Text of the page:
Brooklyn Summer

It’s been a long time since I’ve updated. Busy with the stuff of life. My professional freelance life has picked up a bit and O now adjusts to part time daycare, a balance that feels much better for us both.

The business of writing and publishing has set me back and I struggle with where I have landed, somewhere far-far-away, or so it feels, but I have a finished novel I love, a new idea ready to run where it runs, and I have my cautious optimism. Some days, it feels, what is there to say about this writing life? Except that it goes and goes and has its carousel-way with me. Maybe that’s why I’ve been so quiet here.

I’ve been walking through this hot and rainy summer, the air hanging low and wet. I take Little O to various playgrounds. I hide in the shade, against the curl of the red slide. O’s better now about getting up and down the stairs. He holds on, his toes hanging over each step and, one at a time, he lets one foot meet the next. He totters, like a penguin, down to where he came from and back.

I find myself in a Brooklyn summer as if for the first time, experiencing it with O. The kind of summer when children’s laughter and wet braids slash through the spray of fire hydrants. Kids dangle from their parent’s wrists and popsicles drip in rainbow lines to their elbows. O walks round and round our block with his push toy. He wrestles with the gates of the community garden, stomps in mud pits and sprinkler puddles, dipping watering cans and pails in the muck. We wait with braceleted wrists at the city Pop-up pool and he blows bubbles in the water. I consider, over online shopping carts, which swimmies might be best for a road trip lake vacation (puddle jumpers, anyone?).

Visiting my parents, I remember, as the little kids in the house next door send their bare tummies along their slip and slide, how summer was wet and restless and racing, with legs and arms pumping. I dunked my head in water, clutched at the grass in handstands, ran after the ice cream truck.

I am thrilled to discover that Brooklyn summers are similar. We may trade grass for concrete, but all the wet spray and breathless laughter and running toward the steel drum bell of the ice cream truck remain the same. I am reminded that summer, when done right, is barefoot and sticky and slick with sun cream, no matter where it takes place.

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8 thoughts on “Brooklyn Summer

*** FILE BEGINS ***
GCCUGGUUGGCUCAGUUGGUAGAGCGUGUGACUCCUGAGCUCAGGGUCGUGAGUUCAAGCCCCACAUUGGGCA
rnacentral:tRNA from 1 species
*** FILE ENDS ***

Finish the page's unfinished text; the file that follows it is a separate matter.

1. I just started reading A Tree Grows in Brooklyn for the first time, and now I feel that I've been thoroughly introduced to Brooklyn summers. 🙂 Your description is just as evocative as Betty Smith's, by the way!
    Here in CT, my summer is defined by letting the garden take care of itself on these days when it's just way too hot, so my yard is a little bit jungle-like at the moment. It's wonderful to be so close to the beach, though (especially as no AC unit seems to touch the heat when you're 37 weeks pregnant…).

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  2. Melissa, I really enjoyed reading this post. Watching your little one discover everything is so special. I grew up in Queens and my summers were similar to my later ones on Long Island. Just harder to get to the beach and pools! Enjoy the rest of your summer.

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  3. You have such a beautiful, vibrant way of describing things, Melissa. You really are a gorgeous writer.

    I hope you and O catch many of those ice cream trucks, in all your summers to come.

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  4. That was such a lovely evocation of barefoot days. My tween doesn't seem to want to do any of those kinds of summery things she did as a toddler–running in the sprinklers, making sidewalk chalk masterpieces, driving little bulldozers through the sandbox. I so miss the wide grassy spaces of rural PA on these warm days.

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  5. Such beautiful images, and I totally agree–having children has made me fall in love with summer again! Setting up the kid pool in our little side yard, I expect them to be disappointed…but they aren't! They play for hours as well in our little pool as they do at the big community pool–and I am terrified for the day that these little joys won't suffice–when we will have to trek to a water park for the same thrills.

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